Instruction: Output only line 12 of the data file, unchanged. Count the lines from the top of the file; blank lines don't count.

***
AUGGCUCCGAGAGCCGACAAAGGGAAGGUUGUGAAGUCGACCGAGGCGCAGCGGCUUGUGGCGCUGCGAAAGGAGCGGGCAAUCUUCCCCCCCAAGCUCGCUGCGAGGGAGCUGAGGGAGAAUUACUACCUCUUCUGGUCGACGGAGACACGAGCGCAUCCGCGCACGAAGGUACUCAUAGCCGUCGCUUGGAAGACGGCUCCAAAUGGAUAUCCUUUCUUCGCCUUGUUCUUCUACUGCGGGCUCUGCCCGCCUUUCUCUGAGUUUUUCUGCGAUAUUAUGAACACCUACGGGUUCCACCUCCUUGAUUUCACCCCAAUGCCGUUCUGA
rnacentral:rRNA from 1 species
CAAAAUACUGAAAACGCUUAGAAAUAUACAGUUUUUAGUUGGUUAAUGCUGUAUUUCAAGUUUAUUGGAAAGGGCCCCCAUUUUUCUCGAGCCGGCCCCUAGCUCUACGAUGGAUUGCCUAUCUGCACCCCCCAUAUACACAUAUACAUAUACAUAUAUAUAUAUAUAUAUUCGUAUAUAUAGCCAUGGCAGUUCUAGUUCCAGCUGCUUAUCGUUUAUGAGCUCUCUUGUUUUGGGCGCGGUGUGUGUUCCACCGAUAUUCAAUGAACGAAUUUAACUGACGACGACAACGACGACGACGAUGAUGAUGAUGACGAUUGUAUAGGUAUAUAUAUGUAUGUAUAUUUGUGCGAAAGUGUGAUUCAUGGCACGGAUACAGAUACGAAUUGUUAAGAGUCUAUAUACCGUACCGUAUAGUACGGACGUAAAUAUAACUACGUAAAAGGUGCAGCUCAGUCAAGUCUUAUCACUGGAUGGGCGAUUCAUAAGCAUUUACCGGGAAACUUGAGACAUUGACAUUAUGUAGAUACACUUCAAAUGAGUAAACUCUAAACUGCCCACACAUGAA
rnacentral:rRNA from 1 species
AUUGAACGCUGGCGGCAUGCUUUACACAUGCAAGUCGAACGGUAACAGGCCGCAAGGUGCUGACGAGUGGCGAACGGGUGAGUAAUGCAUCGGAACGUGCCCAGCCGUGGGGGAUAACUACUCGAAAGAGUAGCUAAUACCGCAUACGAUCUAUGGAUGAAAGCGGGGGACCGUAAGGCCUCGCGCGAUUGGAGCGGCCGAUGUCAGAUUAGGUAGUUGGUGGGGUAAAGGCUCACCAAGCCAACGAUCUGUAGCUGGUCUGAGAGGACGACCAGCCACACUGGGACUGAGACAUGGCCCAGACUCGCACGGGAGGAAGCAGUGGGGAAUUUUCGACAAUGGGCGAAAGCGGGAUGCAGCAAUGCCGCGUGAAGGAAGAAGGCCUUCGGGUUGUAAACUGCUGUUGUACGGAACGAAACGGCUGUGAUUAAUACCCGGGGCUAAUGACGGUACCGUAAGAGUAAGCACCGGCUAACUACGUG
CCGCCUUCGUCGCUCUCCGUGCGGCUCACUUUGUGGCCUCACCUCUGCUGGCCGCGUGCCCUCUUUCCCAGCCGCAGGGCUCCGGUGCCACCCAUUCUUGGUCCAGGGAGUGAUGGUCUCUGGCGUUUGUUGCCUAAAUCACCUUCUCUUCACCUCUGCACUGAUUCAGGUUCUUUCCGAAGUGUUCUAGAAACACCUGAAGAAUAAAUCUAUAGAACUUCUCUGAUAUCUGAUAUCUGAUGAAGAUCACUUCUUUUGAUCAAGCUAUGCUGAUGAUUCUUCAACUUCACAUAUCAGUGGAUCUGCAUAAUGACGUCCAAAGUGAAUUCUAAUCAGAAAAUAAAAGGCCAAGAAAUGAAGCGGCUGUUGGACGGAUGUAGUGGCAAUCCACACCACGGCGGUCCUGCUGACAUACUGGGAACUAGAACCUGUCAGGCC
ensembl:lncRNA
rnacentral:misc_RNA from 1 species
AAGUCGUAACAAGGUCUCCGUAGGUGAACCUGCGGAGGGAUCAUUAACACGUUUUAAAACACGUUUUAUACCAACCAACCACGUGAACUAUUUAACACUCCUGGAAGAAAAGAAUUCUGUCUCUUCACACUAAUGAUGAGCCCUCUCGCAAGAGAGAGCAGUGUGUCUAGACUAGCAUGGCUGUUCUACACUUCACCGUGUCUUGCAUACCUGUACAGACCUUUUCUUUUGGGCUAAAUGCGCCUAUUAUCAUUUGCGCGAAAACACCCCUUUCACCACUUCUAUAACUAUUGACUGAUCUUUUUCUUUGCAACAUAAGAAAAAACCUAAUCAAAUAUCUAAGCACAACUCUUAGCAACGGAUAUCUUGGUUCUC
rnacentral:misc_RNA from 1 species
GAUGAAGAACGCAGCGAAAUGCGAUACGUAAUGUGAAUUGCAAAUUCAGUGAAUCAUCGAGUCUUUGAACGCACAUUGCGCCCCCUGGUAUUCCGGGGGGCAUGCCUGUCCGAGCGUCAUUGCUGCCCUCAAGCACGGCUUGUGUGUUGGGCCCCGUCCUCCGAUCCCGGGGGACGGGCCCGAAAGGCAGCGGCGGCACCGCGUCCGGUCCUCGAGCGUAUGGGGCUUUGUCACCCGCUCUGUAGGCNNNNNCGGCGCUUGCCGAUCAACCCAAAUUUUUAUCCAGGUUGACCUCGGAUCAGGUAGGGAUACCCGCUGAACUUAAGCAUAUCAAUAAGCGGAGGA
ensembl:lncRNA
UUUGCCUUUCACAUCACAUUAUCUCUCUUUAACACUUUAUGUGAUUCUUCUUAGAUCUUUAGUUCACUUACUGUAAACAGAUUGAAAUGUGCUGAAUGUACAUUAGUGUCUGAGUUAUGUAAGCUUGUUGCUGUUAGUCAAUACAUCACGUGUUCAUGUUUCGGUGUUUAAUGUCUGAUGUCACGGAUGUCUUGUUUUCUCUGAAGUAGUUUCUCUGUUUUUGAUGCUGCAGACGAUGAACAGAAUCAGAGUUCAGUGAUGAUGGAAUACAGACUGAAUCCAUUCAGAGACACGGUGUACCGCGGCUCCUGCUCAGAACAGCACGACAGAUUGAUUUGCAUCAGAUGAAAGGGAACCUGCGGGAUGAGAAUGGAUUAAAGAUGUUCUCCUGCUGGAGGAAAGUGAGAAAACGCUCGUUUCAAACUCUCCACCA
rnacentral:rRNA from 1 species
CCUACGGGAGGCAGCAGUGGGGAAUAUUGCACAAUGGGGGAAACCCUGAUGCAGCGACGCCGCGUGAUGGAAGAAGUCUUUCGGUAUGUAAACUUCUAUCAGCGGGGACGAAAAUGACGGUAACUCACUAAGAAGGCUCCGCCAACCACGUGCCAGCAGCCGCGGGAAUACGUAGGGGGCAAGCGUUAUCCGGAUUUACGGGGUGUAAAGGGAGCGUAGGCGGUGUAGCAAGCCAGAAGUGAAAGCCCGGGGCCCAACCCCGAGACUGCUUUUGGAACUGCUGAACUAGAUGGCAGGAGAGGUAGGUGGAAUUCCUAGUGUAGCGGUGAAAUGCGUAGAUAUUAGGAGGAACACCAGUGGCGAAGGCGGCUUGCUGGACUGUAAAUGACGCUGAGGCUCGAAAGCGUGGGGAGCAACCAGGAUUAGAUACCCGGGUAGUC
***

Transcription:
ensembl:lncRNA